The following is a guest post by Gerben Schoorl in response to my question “Can I Quote You? Public Domain and Internet Forums, Bulletin Boards, etc.“
To emphasize my point, the next paragraph is fully copied and pasted from online sources. I am quite sure that no legal action can be based on the absence of any ‘credits’, for the simple reason that the threshold requirements for legal protection of these factual bits & pieces are not met.
QUOTE Copyright protects works of authorship. To receive copyright/protection, such works must be ‘original’ and ‘fixed’ in a tangible medium (of expression). Facts are not protected by copyright, regardless of the amount of time/effort/money spent discovering those facts. Copyright protects originality, not effort (sweat of the brow). Copyright owners have no course of action against anyone who independently creates a duplicate of a copyrighted work. Fair use means using a portion of a copyrighted work for purposes of news reporting, parody, research and/or education about such work. This may be done without permission of the author. One will have to credit the source i.e. name the author of the work. UNQUOTE
Now then, hope that helps. This legal approach will not give you a definitive answer, but rest assured, definitive answers are hard to come by in IP. I remember one of my professors bringing ‘originals’ and ‘copies’ of designs to class and asking us which of the latter could be successfully litigated against. Flipping a coin turned out to give us the best estimate of the outcomes of the associated cases.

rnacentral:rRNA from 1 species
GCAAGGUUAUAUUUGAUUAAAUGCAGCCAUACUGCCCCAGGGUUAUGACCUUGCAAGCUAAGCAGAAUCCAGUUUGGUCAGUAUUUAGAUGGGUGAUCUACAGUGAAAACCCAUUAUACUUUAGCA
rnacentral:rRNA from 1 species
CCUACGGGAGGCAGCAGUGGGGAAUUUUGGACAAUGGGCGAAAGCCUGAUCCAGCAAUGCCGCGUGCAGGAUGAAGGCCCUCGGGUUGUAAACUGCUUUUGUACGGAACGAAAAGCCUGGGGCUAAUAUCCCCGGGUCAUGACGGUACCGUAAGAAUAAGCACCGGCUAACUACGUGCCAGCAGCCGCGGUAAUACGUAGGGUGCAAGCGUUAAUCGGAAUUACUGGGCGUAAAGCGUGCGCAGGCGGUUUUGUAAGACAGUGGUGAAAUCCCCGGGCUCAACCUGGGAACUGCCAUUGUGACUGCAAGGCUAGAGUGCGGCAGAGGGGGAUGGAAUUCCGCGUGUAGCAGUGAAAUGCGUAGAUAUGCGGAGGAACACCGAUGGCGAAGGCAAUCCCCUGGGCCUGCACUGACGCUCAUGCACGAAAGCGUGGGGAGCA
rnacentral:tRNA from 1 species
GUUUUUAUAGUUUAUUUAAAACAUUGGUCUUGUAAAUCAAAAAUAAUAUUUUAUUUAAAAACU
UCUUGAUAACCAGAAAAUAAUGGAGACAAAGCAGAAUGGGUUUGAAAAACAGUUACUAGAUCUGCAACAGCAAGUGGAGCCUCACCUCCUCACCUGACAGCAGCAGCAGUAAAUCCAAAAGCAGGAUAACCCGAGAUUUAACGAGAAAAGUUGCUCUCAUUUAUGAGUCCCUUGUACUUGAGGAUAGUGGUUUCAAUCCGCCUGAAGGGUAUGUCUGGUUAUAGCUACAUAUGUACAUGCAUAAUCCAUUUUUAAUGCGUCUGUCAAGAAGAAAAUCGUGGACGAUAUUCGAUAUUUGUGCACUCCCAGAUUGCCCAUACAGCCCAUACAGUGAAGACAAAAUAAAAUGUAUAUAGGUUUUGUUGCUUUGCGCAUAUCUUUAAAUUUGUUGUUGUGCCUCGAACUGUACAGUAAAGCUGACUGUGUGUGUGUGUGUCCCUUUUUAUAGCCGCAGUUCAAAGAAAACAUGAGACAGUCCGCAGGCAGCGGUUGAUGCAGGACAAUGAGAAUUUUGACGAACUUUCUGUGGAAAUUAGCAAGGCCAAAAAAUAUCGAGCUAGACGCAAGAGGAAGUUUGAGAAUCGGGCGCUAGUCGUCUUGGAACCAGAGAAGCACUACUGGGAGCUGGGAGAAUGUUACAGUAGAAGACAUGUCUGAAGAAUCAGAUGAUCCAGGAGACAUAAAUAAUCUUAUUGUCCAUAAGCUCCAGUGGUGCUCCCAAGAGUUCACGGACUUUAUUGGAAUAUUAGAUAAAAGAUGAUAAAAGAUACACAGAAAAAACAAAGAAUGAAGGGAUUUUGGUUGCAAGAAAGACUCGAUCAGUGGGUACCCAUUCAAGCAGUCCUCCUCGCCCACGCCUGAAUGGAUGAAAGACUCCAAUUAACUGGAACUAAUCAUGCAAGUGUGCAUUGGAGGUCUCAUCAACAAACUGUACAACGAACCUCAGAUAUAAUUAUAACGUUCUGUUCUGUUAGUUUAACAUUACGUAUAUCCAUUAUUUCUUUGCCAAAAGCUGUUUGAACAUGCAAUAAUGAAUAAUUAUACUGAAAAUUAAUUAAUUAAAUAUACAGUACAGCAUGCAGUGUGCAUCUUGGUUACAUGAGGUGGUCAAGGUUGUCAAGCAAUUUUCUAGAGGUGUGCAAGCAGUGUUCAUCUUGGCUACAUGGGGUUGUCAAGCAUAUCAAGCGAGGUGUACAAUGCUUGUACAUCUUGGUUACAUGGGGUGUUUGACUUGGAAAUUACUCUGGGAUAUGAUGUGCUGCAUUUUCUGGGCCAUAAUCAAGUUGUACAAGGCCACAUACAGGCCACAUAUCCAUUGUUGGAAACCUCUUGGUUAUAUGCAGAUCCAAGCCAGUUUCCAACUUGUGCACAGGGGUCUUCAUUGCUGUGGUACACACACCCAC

For written text, this may appear easier. They are by definition “fixed”. Anything above the “originality” threshold will thus enjoy protection from copyright law. In assessing the pre- or absence of originality, one will definitely consider its length. When discussing factual subjects (the quotes above), originality may require a considerable amount of words, since anyone discussing such subjects will use more or less the same wording. For others (poetry), a few words can form a solid rock of originality. A real problem arises though when discussing ‘quotes’ which are taken from larger texts, such as webpages, articles or even books. Exploring that road will take us into the quicksand and I will avoid that by mentioning that Google has just decided to spend 125 million dollar to settle the “snippet” lawsuit around its Book Search feature. That goes to show that there are no definitive answers on the length which maybe taken from such texts.
Finally and stepping away from the legal approach: I’m sure that due care in these matters will primarily be based on the desire to preserve one’s good name, not on fear of legal consequences. An intelligently cut snippet, used as a search term, will expose plagiarism at the speed of light, as any teacher will tell us.
Let’s end this post with a classic quote, possibly copyrighted, but not requiring any credit: “Th-Th-Th-Th-Th-Th-Th-Th-Th-That’s All Folks!”